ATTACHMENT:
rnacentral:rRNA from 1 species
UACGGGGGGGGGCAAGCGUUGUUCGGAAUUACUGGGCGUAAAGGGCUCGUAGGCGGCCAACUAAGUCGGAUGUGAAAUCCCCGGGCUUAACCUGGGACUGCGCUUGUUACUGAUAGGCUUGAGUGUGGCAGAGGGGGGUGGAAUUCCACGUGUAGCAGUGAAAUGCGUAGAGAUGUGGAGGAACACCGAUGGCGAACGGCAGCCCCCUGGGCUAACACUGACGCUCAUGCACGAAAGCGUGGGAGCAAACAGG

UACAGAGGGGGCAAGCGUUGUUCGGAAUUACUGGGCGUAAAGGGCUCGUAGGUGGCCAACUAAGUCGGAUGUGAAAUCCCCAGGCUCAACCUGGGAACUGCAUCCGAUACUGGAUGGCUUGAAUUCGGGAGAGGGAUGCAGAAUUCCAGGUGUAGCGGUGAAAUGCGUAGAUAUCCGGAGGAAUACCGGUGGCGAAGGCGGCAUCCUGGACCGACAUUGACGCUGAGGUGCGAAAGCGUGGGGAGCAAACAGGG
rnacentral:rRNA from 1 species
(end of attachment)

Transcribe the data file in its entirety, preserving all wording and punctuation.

rnacentral:rRNA from 1 species
UACGGGGGGGGGCAAGCGUUGUUCGGAAUUACUGGGCGUAAAGGGCUCGUAGGCGGCCAACUAAGUCGGAUGUGAAAUCCCCGGGCUUAACCUGGGACUGCGCUUGUUACUGAUAGGCUUGAGUGUGGCAGAGGGGGGUGGAAUUCCACGUGUAGCAGUGAAAUGCGUAGAGAUGUGGAGGAACACCGAUGGCGAACGGCAGCCCCCUGGGCUAACACUGACGCUCAUGCACGAAAGCGUGGGAGCAAACAGG

UACAGAGGGGGCAAGCGUUGUUCGGAAUUACUGGGCGUAAAGGGCUCGUAGGUGGCCAACUAAGUCGGAUGUGAAAUCCCCAGGCUCAACCUGGGAACUGCAUCCGAUACUGGAUGGCUUGAAUUCGGGAGAGGGAUGCAGAAUUCCAGGUGUAGCGGUGAAAUGCGUAGAUAUCCGGAGGAAUACCGGUGGCGAAGGCGGCAUCCUGGACCGACAUUGACGCUGAGGUGCGAAAGCGUGGGGAGCAAACAGGG
rnacentral:rRNA from 1 species